A ALLOW TIME FOR PLAY.  My retreat was a writer’s retreat, but I knew it was important to allow time for play.  Laughter and play fuels my creativity. I couldn’t resist rolling down the hill or swinging in the tree swing.

T TRY SOMETHING NEW.  I don’t write in rhyme, but I tried it on the retreat.  Although I wasn’t thrilled with the results, it triggered some new ideas. Step out of your comfort zone and magic can happen.

Do you have an idea for a mini-retreat?  What was especially nurturing about a retreat you attended?  What creative ways can you carve time into a busy life for a mini retreat?  Leave a comment for a chance to win Cheryl Richardson’s book The Art of Extreme Self Care.  One winner will be chosen from comments left here or at

This week:  Make a plan to have a mini-retreat this fall.


Intensive Care for a Nuturer’s Soul

“Intensive Self-Care is not being selfish, and it’s not a luxury, but rather an essential practice for your survival and overall well-being”  ~ Hueina Su

Are you over-worked, overwhelmed, running on empty, with little time for yourselves?  I found a great book that will help anyone living in a state of stress.   It’s called “Intensive Care for the Nurturer’s Soul: 7 Keys to Nurture Yourself While Caring for Others” and it’s written by Hueina Su who is an internationally recognized speaker and expert in helping people find the missing peace & balance in their stressful lives.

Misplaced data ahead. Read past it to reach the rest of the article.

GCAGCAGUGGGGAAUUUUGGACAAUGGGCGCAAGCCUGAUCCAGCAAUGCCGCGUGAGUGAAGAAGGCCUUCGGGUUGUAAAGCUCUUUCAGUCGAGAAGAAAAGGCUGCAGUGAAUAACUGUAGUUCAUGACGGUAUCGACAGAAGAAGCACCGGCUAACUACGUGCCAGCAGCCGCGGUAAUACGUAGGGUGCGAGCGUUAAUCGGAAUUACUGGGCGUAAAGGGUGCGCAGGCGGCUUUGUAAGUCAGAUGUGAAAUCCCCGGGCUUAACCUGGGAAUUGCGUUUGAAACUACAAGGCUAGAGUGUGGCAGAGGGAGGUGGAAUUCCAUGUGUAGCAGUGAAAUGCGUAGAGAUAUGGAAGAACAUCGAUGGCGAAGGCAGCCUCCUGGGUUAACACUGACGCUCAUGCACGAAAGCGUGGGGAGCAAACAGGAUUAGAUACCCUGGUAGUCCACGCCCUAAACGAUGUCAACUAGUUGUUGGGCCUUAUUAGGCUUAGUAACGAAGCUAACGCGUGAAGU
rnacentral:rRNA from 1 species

Our world is fast-paced and loaded with a tremendous volume of competing priorities and responsibilities. The need to center ourselves, catch our breath and release the stress is probably more crucial than ever. How are we to accomplish this when we are faced with the overwhelming need to make a difference in others? Hueina’s book comes at the perfect timing.  Intensive Care for the Nurturer’s Soul is a definitely gentle loving breeze with a clear and strong message effortlessly delivered.

This is a must read for anyone who is taking care of others and needs some tender loving care for themselves. Get this amazing book for yourself and anyone you care TODAY. It’s terrific, timely and pertinent to most of our lives — preventing and eliminating stress & burnout!  This book makes a perfect Mother’s Day gift, and when you buy it by April 22, you will receive dozens of bonus gifts from many leading experts.